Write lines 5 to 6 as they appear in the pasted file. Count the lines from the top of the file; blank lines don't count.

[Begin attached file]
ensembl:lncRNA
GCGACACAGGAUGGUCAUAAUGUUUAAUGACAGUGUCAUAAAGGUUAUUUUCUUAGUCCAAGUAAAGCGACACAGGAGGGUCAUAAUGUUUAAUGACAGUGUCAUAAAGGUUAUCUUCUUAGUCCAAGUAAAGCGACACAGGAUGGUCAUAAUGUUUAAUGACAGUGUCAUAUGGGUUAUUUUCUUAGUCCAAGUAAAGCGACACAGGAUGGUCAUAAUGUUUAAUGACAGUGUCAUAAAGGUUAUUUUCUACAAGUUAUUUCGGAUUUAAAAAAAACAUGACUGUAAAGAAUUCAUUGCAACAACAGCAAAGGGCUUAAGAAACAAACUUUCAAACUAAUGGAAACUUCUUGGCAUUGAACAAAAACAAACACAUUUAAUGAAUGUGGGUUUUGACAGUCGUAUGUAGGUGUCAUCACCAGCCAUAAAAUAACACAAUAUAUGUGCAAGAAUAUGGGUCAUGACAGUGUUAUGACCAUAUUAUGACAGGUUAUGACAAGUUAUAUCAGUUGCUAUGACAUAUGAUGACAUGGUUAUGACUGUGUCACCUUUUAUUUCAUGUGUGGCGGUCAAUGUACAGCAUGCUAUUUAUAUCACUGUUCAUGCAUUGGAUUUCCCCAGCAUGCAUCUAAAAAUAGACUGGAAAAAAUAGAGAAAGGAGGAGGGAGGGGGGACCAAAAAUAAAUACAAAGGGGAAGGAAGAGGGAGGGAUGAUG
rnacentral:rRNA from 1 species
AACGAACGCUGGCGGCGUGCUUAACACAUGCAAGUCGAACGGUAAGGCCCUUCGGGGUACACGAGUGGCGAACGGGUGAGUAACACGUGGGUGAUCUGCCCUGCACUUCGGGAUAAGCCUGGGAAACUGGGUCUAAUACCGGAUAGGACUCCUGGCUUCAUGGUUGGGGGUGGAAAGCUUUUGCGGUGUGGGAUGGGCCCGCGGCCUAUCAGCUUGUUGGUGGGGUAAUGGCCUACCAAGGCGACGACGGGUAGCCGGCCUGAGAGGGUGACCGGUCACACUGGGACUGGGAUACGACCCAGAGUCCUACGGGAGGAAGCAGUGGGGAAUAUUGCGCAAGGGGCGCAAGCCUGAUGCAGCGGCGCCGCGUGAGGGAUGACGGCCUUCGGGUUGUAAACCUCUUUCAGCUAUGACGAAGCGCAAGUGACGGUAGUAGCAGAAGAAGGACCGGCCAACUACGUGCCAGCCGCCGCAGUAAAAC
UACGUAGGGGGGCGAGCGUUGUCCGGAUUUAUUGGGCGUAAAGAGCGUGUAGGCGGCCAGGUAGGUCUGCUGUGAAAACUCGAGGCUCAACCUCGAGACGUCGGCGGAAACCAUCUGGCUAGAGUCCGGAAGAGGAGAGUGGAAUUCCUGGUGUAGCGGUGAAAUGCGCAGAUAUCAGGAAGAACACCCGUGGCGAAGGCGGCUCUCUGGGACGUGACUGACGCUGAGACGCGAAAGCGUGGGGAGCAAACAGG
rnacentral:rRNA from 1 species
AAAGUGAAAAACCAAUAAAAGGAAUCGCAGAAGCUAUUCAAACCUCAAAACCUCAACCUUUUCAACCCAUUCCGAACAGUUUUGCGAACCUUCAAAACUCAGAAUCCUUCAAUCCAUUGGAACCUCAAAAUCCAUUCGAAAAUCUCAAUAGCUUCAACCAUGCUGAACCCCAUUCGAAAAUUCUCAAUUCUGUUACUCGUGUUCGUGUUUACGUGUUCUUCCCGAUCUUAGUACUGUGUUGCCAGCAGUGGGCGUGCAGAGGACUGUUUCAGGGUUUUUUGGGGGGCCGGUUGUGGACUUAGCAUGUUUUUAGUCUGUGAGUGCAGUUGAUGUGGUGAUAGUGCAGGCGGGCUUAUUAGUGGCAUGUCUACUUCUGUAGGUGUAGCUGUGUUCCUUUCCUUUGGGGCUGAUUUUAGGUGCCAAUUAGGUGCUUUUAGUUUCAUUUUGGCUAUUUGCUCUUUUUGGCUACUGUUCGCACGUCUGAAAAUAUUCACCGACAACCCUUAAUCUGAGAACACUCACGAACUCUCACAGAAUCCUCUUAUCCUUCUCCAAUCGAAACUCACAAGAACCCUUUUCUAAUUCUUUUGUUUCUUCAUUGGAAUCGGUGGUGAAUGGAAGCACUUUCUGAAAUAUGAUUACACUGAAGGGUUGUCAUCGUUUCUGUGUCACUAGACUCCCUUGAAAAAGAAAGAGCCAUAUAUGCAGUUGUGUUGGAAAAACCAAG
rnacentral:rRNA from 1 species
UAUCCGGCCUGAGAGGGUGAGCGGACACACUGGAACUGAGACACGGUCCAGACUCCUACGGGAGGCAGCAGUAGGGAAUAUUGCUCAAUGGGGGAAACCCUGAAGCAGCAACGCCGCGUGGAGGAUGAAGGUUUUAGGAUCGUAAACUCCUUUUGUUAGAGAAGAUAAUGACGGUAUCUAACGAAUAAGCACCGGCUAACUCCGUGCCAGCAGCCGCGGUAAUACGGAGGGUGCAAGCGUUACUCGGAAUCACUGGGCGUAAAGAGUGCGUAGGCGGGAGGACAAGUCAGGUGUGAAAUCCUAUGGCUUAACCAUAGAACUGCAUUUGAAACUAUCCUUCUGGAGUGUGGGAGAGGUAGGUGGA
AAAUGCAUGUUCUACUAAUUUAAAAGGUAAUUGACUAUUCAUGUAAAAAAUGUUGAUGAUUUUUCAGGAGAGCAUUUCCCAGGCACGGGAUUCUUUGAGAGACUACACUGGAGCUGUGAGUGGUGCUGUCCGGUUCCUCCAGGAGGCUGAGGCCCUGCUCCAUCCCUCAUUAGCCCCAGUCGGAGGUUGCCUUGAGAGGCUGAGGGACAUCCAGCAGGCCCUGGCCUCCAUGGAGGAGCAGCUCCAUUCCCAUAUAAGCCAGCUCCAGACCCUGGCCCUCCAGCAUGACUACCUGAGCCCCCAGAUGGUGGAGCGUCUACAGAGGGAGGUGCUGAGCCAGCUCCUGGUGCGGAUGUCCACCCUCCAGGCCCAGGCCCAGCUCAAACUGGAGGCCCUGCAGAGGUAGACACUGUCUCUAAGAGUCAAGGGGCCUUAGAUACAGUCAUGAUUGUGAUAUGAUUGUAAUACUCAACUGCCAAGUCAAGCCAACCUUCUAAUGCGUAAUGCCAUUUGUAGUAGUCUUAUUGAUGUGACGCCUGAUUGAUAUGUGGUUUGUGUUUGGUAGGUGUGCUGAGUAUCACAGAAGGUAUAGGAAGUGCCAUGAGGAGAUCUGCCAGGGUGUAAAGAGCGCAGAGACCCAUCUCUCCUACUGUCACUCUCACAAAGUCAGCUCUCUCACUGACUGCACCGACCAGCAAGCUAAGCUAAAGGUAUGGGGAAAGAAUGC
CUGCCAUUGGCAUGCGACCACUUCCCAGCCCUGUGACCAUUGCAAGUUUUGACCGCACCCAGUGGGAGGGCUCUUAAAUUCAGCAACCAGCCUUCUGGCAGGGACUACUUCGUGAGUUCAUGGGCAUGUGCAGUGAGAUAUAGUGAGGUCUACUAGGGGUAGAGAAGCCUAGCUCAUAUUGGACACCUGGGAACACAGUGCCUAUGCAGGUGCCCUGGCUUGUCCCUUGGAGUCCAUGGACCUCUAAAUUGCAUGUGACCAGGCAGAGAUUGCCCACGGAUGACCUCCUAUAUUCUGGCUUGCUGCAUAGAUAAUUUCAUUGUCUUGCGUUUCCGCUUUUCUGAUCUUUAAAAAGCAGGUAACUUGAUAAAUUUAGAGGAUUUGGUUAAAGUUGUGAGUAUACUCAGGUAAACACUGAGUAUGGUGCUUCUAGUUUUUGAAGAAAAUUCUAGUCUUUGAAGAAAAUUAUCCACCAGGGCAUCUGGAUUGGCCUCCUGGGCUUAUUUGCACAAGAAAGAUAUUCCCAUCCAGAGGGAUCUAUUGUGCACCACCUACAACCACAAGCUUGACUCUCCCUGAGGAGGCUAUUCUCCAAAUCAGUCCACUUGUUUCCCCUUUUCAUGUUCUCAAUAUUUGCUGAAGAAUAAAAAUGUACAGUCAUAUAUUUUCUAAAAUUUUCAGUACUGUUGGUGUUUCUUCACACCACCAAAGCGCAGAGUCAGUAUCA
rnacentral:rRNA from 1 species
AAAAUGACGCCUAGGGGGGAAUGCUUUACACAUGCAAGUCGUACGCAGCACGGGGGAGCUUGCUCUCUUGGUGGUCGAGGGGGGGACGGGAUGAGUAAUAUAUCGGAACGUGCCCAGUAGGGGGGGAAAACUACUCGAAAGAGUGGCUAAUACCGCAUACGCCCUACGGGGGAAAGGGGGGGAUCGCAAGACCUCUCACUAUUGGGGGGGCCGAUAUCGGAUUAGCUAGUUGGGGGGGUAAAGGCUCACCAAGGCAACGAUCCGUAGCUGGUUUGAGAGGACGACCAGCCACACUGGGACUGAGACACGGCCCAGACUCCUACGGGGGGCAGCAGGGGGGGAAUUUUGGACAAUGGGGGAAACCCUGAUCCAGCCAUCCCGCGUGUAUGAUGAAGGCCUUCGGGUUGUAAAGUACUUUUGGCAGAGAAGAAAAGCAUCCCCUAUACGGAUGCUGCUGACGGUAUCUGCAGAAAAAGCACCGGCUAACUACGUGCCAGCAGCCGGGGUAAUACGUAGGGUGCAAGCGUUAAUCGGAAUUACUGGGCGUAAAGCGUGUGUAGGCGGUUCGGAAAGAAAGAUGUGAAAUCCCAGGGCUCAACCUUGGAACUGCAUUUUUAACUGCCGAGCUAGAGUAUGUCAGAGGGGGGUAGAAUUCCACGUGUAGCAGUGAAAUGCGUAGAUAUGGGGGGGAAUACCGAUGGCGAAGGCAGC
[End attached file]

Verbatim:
UACGUAGGGGGGCGAGCGUUGUCCGGAUUUAUUGGGCGUAAAGAGCGUGUAGGCGGCCAGGUAGGUCUGCUGUGAAAACUCGAGGCUCAACCUCGAGACGUCGGCGGAAACCAUCUGGCUAGAGUCCGGAAGAGGAGAGUGGAAUUCCUGGUGUAGCGGUGAAAUGCGCAGAUAUCAGGAAGAACACCCGUGGCGAAGGCGGCUCUCUGGGACGUGACUGACGCUGAGACGCGAAAGCGUGGGGAGCAAACAGG
rnacentral:rRNA from 1 species